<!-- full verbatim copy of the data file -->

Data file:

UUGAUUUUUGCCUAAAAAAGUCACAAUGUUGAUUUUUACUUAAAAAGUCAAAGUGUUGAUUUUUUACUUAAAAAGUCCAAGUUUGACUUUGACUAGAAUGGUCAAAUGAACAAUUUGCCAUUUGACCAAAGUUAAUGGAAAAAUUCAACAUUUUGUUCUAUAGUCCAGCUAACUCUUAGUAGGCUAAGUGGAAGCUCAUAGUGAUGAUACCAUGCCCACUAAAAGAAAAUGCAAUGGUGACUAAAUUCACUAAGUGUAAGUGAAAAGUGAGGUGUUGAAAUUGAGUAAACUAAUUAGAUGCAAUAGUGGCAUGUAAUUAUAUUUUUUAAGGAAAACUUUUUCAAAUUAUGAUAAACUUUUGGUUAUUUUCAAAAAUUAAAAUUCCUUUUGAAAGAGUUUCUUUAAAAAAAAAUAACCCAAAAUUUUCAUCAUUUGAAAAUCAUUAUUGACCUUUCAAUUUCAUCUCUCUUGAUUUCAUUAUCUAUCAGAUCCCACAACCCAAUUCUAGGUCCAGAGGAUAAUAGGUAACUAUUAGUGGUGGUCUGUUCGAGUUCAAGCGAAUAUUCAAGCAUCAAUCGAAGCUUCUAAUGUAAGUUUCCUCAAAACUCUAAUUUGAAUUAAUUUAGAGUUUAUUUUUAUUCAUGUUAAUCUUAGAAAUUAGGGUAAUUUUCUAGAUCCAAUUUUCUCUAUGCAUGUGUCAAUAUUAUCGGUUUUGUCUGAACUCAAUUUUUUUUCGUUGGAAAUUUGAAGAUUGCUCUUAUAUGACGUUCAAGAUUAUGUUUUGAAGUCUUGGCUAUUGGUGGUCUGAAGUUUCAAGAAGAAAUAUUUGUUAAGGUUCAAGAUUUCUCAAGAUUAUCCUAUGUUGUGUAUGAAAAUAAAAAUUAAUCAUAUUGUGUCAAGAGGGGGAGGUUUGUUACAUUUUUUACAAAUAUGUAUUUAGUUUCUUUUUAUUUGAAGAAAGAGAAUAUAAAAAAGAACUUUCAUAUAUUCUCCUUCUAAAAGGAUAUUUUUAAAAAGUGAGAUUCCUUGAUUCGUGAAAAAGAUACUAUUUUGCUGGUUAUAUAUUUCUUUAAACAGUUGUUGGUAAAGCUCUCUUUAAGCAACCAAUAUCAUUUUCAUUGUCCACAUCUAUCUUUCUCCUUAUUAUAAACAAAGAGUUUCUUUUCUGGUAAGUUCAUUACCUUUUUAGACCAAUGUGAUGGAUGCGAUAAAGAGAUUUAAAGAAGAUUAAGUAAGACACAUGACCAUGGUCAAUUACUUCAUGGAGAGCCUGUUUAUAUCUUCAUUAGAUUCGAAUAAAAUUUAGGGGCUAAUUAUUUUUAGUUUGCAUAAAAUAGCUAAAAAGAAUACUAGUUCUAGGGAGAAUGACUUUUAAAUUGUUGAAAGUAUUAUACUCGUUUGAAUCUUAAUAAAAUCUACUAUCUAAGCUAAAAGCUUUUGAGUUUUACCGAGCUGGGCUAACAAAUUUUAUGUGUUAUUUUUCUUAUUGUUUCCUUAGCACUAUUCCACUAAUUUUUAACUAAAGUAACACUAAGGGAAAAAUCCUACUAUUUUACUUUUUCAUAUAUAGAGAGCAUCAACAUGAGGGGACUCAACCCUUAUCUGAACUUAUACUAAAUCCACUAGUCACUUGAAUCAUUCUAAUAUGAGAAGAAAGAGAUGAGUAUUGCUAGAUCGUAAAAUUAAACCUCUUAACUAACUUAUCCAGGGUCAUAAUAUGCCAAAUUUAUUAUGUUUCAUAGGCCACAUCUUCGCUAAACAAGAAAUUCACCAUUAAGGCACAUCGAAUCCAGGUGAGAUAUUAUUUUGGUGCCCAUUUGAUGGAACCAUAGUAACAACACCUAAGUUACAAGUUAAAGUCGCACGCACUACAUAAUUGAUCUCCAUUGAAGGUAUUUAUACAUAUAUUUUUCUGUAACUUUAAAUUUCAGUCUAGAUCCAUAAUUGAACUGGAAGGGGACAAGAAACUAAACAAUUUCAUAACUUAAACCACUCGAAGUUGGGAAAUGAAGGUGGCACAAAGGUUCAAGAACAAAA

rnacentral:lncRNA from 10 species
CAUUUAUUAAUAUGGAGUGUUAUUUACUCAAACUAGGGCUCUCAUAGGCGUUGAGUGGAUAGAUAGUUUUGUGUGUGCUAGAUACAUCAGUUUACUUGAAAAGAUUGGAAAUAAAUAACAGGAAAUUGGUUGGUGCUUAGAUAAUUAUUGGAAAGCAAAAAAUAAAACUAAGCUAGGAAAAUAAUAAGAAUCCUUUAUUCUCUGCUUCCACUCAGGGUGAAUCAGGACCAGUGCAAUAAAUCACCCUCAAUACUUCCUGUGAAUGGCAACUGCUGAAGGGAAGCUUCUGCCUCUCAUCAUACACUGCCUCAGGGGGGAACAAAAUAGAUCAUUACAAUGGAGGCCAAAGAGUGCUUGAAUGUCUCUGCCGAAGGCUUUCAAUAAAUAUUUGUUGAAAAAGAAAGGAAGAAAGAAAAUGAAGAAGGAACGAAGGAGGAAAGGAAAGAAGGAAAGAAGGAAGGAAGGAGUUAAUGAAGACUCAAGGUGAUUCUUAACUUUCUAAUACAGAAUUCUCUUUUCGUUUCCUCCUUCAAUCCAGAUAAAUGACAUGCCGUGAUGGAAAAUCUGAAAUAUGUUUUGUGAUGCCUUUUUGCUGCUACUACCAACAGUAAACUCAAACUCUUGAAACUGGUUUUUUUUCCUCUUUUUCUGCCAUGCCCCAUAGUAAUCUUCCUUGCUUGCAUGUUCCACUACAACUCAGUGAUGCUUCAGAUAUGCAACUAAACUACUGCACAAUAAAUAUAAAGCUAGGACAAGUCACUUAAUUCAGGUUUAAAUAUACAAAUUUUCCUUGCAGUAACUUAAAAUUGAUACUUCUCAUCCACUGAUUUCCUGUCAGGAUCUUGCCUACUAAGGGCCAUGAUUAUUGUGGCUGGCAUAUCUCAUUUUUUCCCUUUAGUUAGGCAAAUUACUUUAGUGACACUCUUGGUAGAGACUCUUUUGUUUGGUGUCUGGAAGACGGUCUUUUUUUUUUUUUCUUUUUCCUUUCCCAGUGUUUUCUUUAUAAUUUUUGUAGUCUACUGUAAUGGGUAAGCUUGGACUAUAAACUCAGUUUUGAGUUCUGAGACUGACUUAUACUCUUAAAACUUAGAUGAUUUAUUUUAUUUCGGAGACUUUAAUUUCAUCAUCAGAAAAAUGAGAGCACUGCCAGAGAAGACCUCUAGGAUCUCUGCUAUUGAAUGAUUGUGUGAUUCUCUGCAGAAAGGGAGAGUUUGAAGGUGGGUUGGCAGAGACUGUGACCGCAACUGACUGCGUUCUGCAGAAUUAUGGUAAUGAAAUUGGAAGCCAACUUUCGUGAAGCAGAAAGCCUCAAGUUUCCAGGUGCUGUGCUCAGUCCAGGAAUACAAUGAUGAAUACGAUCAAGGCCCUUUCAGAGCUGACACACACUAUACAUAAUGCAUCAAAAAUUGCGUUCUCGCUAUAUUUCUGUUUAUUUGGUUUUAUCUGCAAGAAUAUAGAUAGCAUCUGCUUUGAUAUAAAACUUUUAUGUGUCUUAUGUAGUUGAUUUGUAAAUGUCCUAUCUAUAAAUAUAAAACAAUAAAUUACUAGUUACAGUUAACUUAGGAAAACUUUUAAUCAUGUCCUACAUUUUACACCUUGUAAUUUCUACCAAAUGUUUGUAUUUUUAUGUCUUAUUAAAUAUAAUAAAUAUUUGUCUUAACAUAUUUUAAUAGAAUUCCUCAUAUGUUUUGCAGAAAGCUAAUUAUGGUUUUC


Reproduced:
UUGAUUUUUGCCUAAAAAAGUCACAAUGUUGAUUUUUACUUAAAAAGUCAAAGUGUUGAUUUUUUACUUAAAAAGUCCAAGUUUGACUUUGACUAGAAUGGUCAAAUGAACAAUUUGCCAUUUGACCAAAGUUAAUGGAAAAAUUCAACAUUUUGUUCUAUAGUCCAGCUAACUCUUAGUAGGCUAAGUGGAAGCUCAUAGUGAUGAUACCAUGCCCACUAAAAGAAAAUGCAAUGGUGACUAAAUUCACUAAGUGUAAGUGAAAAGUGAGGUGUUGAAAUUGAGUAAACUAAUUAGAUGCAAUAGUGGCAUGUAAUUAUAUUUUUUAAGGAAAACUUUUUCAAAUUAUGAUAAACUUUUGGUUAUUUUCAAAAAUUAAAAUUCCUUUUGAAAGAGUUUCUUUAAAAAAAAAUAACCCAAAAUUUUCAUCAUUUGAAAAUCAUUAUUGACCUUUCAAUUUCAUCUCUCUUGAUUUCAUUAUCUAUCAGAUCCCACAACCCAAUUCUAGGUCCAGAGGAUAAUAGGUAACUAUUAGUGGUGGUCUGUUCGAGUUCAAGCGAAUAUUCAAGCAUCAAUCGAAGCUUCUAAUGUAAGUUUCCUCAAAACUCUAAUUUGAAUUAAUUUAGAGUUUAUUUUUAUUCAUGUUAAUCUUAGAAAUUAGGGUAAUUUUCUAGAUCCAAUUUUCUCUAUGCAUGUGUCAAUAUUAUCGGUUUUGUCUGAACUCAAUUUUUUUUCGUUGGAAAUUUGAAGAUUGCUCUUAUAUGACGUUCAAGAUUAUGUUUUGAAGUCUUGGCUAUUGGUGGUCUGAAGUUUCAAGAAGAAAUAUUUGUUAAGGUUCAAGAUUUCUCAAGAUUAUCCUAUGUUGUGUAUGAAAAUAAAAAUUAAUCAUAUUGUGUCAAGAGGGGGAGGUUUGUUACAUUUUUUACAAAUAUGUAUUUAGUUUCUUUUUAUUUGAAGAAAGAGAAUAUAAAAAAGAACUUUCAUAUAUUCUCCUUCUAAAAGGAUAUUUUUAAAAAGUGAGAUUCCUUGAUUCGUGAAAAAGAUACUAUUUUGCUGGUUAUAUAUUUCUUUAAACAGUUGUUGGUAAAGCUCUCUUUAAGCAACCAAUAUCAUUUUCAUUGUCCACAUCUAUCUUUCUCCUUAUUAUAAACAAAGAGUUUCUUUUCUGGUAAGUUCAUUACCUUUUUAGACCAAUGUGAUGGAUGCGAUAAAGAGAUUUAAAGAAGAUUAAGUAAGACACAUGACCAUGGUCAAUUACUUCAUGGAGAGCCUGUUUAUAUCUUCAUUAGAUUCGAAUAAAAUUUAGGGGCUAAUUAUUUUUAGUUUGCAUAAAAUAGCUAAAAAGAAUACUAGUUCUAGGGAGAAUGACUUUUAAAUUGUUGAAAGUAUUAUACUCGUUUGAAUCUUAAUAAAAUCUACUAUCUAAGCUAAAAGCUUUUGAGUUUUACCGAGCUGGGCUAACAAAUUUUAUGUGUUAUUUUUCUUAUUGUUUCCUUAGCACUAUUCCACUAAUUUUUAACUAAAGUAACACUAAGGGAAAAAUCCUACUAUUUUACUUUUUCAUAUAUAGAGAGCAUCAACAUGAGGGGACUCAACCCUUAUCUGAACUUAUACUAAAUCCACUAGUCACUUGAAUCAUUCUAAUAUGAGAAGAAAGAGAUGAGUAUUGCUAGAUCGUAAAAUUAAACCUCUUAACUAACUUAUCCAGGGUCAUAAUAUGCCAAAUUUAUUAUGUUUCAUAGGCCACAUCUUCGCUAAACAAGAAAUUCACCAUUAAGGCACAUCGAAUCCAGGUGAGAUAUUAUUUUGGUGCCCAUUUGAUGGAACCAUAGUAACAACACCUAAGUUACAAGUUAAAGUCGCACGCACUACAUAAUUGAUCUCCAUUGAAGGUAUUUAUACAUAUAUUUUUCUGUAACUUUAAAUUUCAGUCUAGAUCCAUAAUUGAACUGGAAGGGGACAAGAAACUAAACAAUUUCAUAACUUAAACCACUCGAAGUUGGGAAAUGAAGGUGGCACAAAGGUUCAAGAACAAAA

rnacentral:lncRNA from 10 species
CAUUUAUUAAUAUGGAGUGUUAUUUACUCAAACUAGGGCUCUCAUAGGCGUUGAGUGGAUAGAUAGUUUUGUGUGUGCUAGAUACAUCAGUUUACUUGAAAAGAUUGGAAAUAAAUAACAGGAAAUUGGUUGGUGCUUAGAUAAUUAUUGGAAAGCAAAAAAUAAAACUAAGCUAGGAAAAUAAUAAGAAUCCUUUAUUCUCUGCUUCCACUCAGGGUGAAUCAGGACCAGUGCAAUAAAUCACCCUCAAUACUUCCUGUGAAUGGCAACUGCUGAAGGGAAGCUUCUGCCUCUCAUCAUACACUGCCUCAGGGGGGAACAAAAUAGAUCAUUACAAUGGAGGCCAAAGAGUGCUUGAAUGUCUCUGCCGAAGGCUUUCAAUAAAUAUUUGUUGAAAAAGAAAGGAAGAAAGAAAAUGAAGAAGGAACGAAGGAGGAAAGGAAAGAAGGAAAGAAGGAAGGAAGGAGUUAAUGAAGACUCAAGGUGAUUCUUAACUUUCUAAUACAGAAUUCUCUUUUCGUUUCCUCCUUCAAUCCAGAUAAAUGACAUGCCGUGAUGGAAAAUCUGAAAUAUGUUUUGUGAUGCCUUUUUGCUGCUACUACCAACAGUAAACUCAAACUCUUGAAACUGGUUUUUUUUCCUCUUUUUCUGCCAUGCCCCAUAGUAAUCUUCCUUGCUUGCAUGUUCCACUACAACUCAGUGAUGCUUCAGAUAUGCAACUAAACUACUGCACAAUAAAUAUAAAGCUAGGACAAGUCACUUAAUUCAGGUUUAAAUAUACAAAUUUUCCUUGCAGUAACUUAAAAUUGAUACUUCUCAUCCACUGAUUUCCUGUCAGGAUCUUGCCUACUAAGGGCCAUGAUUAUUGUGGCUGGCAUAUCUCAUUUUUUCCCUUUAGUUAGGCAAAUUACUUUAGUGACACUCUUGGUAGAGACUCUUUUGUUUGGUGUCUGGAAGACGGUCUUUUUUUUUUUUUCUUUUUCCUUUCCCAGUGUUUUCUUUAUAAUUUUUGUAGUCUACUGUAAUGGGUAAGCUUGGACUAUAAACUCAGUUUUGAGUUCUGAGACUGACUUAUACUCUUAAAACUUAGAUGAUUUAUUUUAUUUCGGAGACUUUAAUUUCAUCAUCAGAAAAAUGAGAGCACUGCCAGAGAAGACCUCUAGGAUCUCUGCUAUUGAAUGAUUGUGUGAUUCUCUGCAGAAAGGGAGAGUUUGAAGGUGGGUUGGCAGAGACUGUGACCGCAACUGACUGCGUUCUGCAGAAUUAUGGUAAUGAAAUUGGAAGCCAACUUUCGUGAAGCAGAAAGCCUCAAGUUUCCAGGUGCUGUGCUCAGUCCAGGAAUACAAUGAUGAAUACGAUCAAGGCCCUUUCAGAGCUGACACACACUAUACAUAAUGCAUCAAAAAUUGCGUUCUCGCUAUAUUUCUGUUUAUUUGGUUUUAUCUGCAAGAAUAUAGAUAGCAUCUGCUUUGAUAUAAAACUUUUAUGUGUCUUAUGUAGUUGAUUUGUAAAUGUCCUAUCUAUAAAUAUAAAACAAUAAAUUACUAGUUACAGUUAACUUAGGAAAACUUUUAAUCAUGUCCUACAUUUUACACCUUGUAAUUUCUACCAAAUGUUUGUAUUUUUAUGUCUUAUUAAAUAUAAUAAAUAUUUGUCUUAACAUAUUUUAAUAGAAUUCCUCAUAUGUUUUGCAGAAAGCUAAUUAUGGUUUUC